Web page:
International investments. Most of the investment in the wastewater sector has been made in the countries that joined the EU in 2004: the Czech Republic, Hungary, Slovakia and Slovenia. A large proportion of project ﬁnancing for these investments came from local or national sources. The DABLAS Task Force is a platform for cooperation on water protection and water-related ecosystems in the Danube and Black Sea Region to encourage a more strategic focus to the use of available ﬁnancing, and to ensure coordinated action between all ﬁnancial instruments operating in the region.
“Signiﬁcant progress has been made in Romania”, says Gheorghe Constantin, Head of the Romanian Delegation to the ICPDR, “since the last DABLAS Task Force in 2004, and Bulgaria and Croatia have increased project preparatory efforts though they still lack ﬁnancing.” Limited development in the wastewater sector has been achieved in downstream, non-EU countries, including Bosnia-Herzegovina, Serbia, Moldova and Ukraine.
International ﬁnancing has been instrumental behind the development of the municipal wastewater sector in the Danube River Basin. EU grant ﬁnancing has played a large role in funding several projects throughout the EU countries. The European Bank for Reconstruction and Development and the European Investment Bank have extended loans to municipalities for many of these projects, to help cover co-ﬁnancing requirements. The World Bank–GEF Investment Fund has also participated in municipal wastewater projects, in addition to agricultural reform and other nutrient reduction efforts.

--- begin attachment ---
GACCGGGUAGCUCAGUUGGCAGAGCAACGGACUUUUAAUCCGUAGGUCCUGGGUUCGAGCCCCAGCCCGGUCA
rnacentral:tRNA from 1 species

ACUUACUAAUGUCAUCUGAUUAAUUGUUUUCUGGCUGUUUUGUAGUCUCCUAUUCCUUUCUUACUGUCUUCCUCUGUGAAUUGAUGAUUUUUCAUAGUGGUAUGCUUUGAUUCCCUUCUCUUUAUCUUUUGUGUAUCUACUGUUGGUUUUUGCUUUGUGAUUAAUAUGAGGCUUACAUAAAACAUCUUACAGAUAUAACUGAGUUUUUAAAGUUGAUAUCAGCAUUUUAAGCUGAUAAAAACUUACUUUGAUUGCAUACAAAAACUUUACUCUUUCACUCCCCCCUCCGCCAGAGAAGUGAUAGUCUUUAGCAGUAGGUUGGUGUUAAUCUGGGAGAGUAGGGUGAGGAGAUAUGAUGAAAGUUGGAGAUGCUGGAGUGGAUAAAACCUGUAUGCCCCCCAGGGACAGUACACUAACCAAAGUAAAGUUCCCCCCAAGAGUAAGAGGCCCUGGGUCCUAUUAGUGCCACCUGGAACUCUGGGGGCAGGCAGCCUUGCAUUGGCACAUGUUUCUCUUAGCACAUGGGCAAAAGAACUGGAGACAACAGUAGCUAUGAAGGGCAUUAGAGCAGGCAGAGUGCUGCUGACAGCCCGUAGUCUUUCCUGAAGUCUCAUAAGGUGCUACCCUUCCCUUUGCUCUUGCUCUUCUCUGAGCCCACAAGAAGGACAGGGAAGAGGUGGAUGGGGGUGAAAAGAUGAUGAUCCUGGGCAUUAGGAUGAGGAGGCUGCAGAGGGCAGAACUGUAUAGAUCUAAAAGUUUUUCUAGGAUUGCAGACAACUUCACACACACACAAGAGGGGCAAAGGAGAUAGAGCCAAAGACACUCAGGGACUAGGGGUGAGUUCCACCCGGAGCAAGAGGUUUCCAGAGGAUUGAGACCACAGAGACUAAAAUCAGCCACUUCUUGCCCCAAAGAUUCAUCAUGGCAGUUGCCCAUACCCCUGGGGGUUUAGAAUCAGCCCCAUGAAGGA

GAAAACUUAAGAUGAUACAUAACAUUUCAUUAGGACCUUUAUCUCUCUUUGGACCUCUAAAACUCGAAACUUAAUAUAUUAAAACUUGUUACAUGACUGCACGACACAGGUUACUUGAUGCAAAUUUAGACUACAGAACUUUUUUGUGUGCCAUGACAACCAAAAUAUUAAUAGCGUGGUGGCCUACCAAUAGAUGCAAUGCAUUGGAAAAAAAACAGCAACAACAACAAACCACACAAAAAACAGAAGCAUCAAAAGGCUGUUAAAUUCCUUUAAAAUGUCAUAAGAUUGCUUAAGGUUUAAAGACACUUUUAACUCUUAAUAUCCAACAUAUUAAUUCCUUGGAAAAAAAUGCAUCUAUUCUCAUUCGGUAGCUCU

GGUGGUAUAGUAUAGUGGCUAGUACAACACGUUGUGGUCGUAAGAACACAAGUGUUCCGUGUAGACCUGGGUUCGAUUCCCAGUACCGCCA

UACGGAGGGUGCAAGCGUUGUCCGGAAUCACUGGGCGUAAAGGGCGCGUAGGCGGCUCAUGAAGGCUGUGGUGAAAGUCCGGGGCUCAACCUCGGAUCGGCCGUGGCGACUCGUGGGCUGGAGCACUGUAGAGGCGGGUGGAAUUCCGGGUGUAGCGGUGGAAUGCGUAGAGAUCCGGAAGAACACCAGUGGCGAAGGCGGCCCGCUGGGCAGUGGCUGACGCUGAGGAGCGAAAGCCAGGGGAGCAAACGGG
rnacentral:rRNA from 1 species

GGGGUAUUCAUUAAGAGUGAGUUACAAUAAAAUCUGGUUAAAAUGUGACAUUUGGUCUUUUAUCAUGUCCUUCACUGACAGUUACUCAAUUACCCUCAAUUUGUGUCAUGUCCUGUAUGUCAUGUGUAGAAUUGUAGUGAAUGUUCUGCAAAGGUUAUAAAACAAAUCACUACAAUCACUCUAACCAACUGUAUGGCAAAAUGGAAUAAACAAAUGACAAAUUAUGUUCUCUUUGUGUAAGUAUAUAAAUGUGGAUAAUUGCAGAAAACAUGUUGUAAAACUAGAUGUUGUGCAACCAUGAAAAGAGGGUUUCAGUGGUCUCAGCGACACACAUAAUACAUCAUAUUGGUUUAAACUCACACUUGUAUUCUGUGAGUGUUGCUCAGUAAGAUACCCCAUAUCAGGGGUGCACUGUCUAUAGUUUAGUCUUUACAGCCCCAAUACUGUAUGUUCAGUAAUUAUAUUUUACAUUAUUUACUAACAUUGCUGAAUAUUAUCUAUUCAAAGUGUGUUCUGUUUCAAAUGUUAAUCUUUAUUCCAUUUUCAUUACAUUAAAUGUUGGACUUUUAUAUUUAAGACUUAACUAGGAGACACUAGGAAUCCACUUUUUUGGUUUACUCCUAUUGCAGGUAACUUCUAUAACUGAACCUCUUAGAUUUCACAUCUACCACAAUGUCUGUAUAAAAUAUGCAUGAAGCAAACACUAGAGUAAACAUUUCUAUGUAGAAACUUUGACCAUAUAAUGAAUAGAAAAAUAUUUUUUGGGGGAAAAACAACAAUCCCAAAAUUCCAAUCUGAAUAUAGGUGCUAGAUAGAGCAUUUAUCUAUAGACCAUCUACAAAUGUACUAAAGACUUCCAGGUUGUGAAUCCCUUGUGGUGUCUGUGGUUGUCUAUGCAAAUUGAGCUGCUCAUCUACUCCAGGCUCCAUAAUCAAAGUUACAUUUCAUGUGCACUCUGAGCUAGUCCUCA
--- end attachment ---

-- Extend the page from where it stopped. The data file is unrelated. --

The presence of the EU, as a contracting party to the Danube Convention and an observer to the Black Sea Convention, helps guarantee success by tying concrete environmental achievements directly to the beneﬁts of EU membership. Large infrastructure investment requirements are essential if countries are to meet EU standards. Overcoming these ﬁnancial needs is a huge challenge for some lower Danube countries that have rather limited ﬁnancial resources for investment with expenditure compared to upper and middle Danube countries.
The achievement of
the Danube countries
earned the attention
of the International
River Foundation (see
Editorial), as well as their
Thiess Riverprize. The